The growing world inequality has become even wider with only 62 richest people globally possessing wealth equal to what half the low-income population – around 3.6 billion people – in the world owns, Oxfam says.
The London-based humanitarian organisation called for urgent measures to tackle the ‘crisis of inequality’ in the report released for the annual World Economic Forum meeting in Davos, in Switzerland.
Oxfam asked world leaders to take action against the wealthy benefiting from questionable tax arrangements, something that deprives governments in developing countries of millions of dollars every year that could be used to improve health care and education.
Oxfam added the gap between the rich and the poor has widened dramatically in the last 12 years.
It adds while the number of people living in extreme poverty declined between 1990 and 2010, the average annual income of 10 per cent of people with limited resources has increased less than three dollars per year in the last 25 years.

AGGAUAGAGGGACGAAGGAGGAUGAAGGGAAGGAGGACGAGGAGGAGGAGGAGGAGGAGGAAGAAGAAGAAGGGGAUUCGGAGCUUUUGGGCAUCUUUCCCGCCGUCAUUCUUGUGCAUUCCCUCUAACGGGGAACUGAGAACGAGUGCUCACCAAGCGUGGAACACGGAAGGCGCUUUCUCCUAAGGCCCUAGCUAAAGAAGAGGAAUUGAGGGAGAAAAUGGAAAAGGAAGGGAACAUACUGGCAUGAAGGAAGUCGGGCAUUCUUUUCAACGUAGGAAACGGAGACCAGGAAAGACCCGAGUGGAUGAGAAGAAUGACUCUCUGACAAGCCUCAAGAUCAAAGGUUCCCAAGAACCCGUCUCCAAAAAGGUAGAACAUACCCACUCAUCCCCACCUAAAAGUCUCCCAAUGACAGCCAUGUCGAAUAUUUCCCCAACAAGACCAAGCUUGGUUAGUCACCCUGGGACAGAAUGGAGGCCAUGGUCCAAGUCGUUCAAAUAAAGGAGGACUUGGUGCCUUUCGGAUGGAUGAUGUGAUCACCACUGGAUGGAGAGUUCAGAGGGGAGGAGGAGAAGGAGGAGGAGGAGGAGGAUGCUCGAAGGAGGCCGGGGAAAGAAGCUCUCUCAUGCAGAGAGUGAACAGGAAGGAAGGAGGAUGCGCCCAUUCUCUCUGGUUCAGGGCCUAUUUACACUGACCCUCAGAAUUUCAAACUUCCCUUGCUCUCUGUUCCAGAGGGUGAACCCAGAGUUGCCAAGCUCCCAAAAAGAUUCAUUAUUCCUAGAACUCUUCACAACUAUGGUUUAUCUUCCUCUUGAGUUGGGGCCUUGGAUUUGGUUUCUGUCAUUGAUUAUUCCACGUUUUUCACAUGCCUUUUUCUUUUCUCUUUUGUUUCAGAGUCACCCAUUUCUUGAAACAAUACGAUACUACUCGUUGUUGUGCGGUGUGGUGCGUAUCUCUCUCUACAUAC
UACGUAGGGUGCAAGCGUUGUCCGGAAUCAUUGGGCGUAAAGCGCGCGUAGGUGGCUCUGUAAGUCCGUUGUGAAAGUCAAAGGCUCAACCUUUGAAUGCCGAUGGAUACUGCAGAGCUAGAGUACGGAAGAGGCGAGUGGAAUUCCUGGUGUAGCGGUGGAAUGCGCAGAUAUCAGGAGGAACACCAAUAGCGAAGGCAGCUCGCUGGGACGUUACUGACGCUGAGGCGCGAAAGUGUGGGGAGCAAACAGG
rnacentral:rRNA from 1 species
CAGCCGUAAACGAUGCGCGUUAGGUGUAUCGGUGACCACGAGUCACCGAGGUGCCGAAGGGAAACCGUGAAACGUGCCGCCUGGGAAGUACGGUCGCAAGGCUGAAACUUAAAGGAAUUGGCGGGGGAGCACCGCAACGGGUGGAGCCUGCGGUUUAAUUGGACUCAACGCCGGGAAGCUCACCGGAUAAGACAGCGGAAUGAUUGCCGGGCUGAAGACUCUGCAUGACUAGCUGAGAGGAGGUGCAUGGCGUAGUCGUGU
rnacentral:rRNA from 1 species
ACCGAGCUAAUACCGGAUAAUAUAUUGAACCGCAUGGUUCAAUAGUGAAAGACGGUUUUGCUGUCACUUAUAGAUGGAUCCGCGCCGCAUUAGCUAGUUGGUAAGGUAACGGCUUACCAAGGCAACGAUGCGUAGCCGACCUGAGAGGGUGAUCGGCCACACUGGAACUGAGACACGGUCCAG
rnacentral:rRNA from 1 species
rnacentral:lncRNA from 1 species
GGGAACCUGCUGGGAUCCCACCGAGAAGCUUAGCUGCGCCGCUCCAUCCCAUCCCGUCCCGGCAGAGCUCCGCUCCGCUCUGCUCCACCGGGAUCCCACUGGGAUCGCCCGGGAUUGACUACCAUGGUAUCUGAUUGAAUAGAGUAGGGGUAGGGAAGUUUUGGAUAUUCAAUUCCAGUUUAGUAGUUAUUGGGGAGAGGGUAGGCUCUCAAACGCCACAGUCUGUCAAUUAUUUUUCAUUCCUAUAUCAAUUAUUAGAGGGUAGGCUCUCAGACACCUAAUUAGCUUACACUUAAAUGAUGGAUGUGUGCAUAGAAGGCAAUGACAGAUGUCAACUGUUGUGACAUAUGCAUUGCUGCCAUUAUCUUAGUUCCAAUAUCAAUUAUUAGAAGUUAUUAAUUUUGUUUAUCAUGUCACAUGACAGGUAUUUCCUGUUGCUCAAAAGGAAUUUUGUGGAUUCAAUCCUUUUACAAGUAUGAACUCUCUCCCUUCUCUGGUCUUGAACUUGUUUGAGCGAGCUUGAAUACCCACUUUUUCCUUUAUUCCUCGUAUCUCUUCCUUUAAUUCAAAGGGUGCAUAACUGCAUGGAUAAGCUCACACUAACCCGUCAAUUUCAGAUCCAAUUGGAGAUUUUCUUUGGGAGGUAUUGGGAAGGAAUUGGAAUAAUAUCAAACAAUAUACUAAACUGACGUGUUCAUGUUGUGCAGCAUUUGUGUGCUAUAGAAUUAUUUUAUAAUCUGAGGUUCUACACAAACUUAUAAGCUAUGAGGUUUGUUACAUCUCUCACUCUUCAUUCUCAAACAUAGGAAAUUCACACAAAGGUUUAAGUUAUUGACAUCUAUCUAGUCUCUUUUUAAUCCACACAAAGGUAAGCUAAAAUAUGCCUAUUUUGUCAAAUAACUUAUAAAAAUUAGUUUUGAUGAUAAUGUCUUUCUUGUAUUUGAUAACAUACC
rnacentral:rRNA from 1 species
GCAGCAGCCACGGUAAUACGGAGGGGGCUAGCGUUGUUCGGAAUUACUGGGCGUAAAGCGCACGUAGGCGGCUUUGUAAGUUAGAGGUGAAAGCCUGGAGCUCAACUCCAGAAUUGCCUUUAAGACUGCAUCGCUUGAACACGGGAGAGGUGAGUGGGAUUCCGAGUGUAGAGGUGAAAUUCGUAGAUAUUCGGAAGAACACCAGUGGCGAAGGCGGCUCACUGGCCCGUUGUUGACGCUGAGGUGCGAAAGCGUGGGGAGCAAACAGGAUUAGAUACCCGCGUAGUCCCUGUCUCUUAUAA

Oxfam believes measures against tax evasion should be part of the action to combat inequality, along with an increase in investment in public services and an increase in income of low income population.
‘It is simply unacceptable that the poorest half of the world population owns no more than a small group of the global super-rich – so few, you could fit them all in a single coach,’ said executive director of Oxfam in the United Kingdom, Mark Goldring.
‘In a world where one in nine people go to bed hungry every night we cannot afford to carry on giving the richest an ever bigger slice of the cake,’ he stressed.
According to Oxfam, the super-rich have some $US7.6 trillion ($A11.12 trillion) in offshore accounts.